Neither the U.S. nor Chinese military have confirmed the reports, but the anti-ship missiles are known to be some of the most potent anti-access/area-denial (A2/AD) weapons in the People’s Liberation Army’s arsenal.

Beijing claims some 90% of the South China Sea, through which trillions of dollars in trade flow every year, despite overlapping claims by others in the region, including Vietnam, Malaysia, the Philippines, Taiwan and Brunei. It has reclaimed and militarized a number of islands in the waters despite protests from other claimants and the United States.

The U.S. and Japan fear the Chinese-held outposts, some of which boast military-grade airfields and advanced weaponry, could be used to restrict free movement in an area that includes vital sea lanes.

The U.S. military has angered Beijing by regularly holding drills and conducting “freedom of navigation operations” (FONOPs) close to and over some of the islands there, including 10 last year.

The latest U.S. criticism of China’s military assertiveness comes after the Defense Ministry in Beijing on Thursday delivered some of its most overt remarks on Taiwan in months, saying “secession means war” and adding that the recent military drills near the island were “solemn responses to foreign interference and provocations by Taiwan separatist forces.”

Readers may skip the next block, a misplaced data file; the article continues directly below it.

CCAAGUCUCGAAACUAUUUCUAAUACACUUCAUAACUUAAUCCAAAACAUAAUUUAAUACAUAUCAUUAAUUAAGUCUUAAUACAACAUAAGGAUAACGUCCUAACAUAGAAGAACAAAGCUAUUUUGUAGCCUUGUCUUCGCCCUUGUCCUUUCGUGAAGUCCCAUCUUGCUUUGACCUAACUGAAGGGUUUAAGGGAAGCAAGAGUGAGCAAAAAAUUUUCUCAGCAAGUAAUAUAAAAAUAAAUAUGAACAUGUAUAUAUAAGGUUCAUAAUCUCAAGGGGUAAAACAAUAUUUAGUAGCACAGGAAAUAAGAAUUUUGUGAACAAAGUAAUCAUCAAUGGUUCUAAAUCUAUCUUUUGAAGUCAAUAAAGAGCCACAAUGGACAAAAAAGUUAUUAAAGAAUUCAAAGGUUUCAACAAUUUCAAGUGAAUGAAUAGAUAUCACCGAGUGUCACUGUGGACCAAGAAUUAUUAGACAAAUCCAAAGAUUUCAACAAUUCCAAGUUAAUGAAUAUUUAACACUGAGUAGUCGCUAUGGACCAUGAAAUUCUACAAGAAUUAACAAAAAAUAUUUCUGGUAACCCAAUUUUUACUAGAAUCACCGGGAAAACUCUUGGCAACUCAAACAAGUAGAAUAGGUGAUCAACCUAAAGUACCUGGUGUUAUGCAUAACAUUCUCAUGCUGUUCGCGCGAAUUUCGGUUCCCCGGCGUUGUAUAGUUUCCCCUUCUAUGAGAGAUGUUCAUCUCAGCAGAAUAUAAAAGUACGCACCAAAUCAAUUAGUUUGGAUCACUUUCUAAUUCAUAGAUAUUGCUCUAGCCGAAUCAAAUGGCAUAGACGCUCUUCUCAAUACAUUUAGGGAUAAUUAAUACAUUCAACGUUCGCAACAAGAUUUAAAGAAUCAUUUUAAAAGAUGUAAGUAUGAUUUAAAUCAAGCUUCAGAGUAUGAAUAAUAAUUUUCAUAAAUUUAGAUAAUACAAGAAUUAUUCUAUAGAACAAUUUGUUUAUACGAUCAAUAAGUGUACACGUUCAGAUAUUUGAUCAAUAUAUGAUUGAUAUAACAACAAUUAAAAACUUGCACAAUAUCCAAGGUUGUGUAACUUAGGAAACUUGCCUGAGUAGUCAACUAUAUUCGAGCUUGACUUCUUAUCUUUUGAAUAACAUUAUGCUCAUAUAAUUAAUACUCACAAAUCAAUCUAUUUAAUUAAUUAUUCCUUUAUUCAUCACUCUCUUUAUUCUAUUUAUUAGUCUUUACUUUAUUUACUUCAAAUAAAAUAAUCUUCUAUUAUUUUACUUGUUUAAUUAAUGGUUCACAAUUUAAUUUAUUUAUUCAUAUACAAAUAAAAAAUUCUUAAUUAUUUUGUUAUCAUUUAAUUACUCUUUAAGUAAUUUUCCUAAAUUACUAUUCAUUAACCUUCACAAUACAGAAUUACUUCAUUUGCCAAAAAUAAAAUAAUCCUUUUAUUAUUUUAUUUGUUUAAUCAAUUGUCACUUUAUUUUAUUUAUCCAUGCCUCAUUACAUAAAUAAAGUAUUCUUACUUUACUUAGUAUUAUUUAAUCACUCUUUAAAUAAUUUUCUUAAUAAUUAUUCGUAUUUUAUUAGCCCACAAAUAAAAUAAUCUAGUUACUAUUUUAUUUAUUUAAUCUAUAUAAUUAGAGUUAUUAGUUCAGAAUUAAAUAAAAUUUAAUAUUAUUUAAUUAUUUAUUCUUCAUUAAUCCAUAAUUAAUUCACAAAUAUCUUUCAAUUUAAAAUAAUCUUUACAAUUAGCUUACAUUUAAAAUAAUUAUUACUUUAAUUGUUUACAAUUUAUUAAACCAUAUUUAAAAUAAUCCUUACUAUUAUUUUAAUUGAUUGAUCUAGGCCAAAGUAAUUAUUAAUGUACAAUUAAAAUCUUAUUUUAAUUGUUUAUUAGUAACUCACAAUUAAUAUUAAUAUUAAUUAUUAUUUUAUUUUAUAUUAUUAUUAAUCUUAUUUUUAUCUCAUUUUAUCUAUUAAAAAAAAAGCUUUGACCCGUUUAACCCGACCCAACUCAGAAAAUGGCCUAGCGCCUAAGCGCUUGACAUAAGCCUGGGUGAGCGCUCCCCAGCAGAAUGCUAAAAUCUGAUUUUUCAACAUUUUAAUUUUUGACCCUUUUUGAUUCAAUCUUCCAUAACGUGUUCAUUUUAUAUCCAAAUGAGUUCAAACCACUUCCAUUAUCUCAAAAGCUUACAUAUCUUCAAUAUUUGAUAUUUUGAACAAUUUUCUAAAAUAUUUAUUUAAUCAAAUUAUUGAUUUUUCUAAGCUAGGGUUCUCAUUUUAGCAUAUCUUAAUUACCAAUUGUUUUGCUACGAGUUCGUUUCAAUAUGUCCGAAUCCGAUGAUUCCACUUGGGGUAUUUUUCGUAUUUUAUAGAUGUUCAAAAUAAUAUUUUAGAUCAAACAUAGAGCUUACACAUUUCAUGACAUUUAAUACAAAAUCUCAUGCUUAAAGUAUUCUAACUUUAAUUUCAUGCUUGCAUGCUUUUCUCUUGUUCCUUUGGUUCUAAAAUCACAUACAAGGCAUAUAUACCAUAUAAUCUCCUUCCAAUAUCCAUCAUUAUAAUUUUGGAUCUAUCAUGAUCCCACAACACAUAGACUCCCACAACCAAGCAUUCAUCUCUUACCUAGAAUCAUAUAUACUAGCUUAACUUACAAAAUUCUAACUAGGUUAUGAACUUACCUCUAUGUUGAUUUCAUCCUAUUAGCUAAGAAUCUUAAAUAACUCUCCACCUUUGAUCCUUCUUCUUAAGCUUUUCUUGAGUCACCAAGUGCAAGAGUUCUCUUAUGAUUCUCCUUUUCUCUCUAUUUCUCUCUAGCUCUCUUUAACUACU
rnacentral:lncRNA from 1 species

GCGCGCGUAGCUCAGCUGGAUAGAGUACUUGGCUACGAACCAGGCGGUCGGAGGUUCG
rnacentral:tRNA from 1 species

“We solemnly warn these Taiwan separatists: Those who play with fire will get burned, Taiwan secession means war,” Defense Ministry spokesman and Senior Col. Wu Qian said. “The People’s Liberation Army will take whatever actions necessary to resolutely thwart any secession schemes, and adamantly safeguard national sovereignty and territorial integrity.”

Chinese state-run media promoted the remarks by the ministry, explicitly noting that the pointed threats of war over Taiwan were “exceedingly rare.”

In a commentary on Friday, the state-run Global Times nationalist newspaper, called the warplanes’ flight a “message” to Taiwan and the U.S.

“Do not misjudge or underestimate the Chinese mainland’s determination and will to defend its territorial integrity and to severely punish the reckless acts of ‘Taiwan independence’ forces,” the editorial said. “If the island of Taiwan and the U.S. regard the previous U.S. administration’s last-minute acts as a new starting point of their ties and continue to promote ‘Taiwan independence,’ it is predictable that military conflicts will be triggered across the Taiwan Straits.

“This is not an empty threat,” it added.

In its waning days, the administration of President Donald Trump unleashed a series of moves to more tightly bind Washington’s ties with Taipei amid an increasingly acrimonious relationship with Beijing. These included the lifting of decades-old restrictions on contacts between U.S. officials and their Taiwanese counterparts.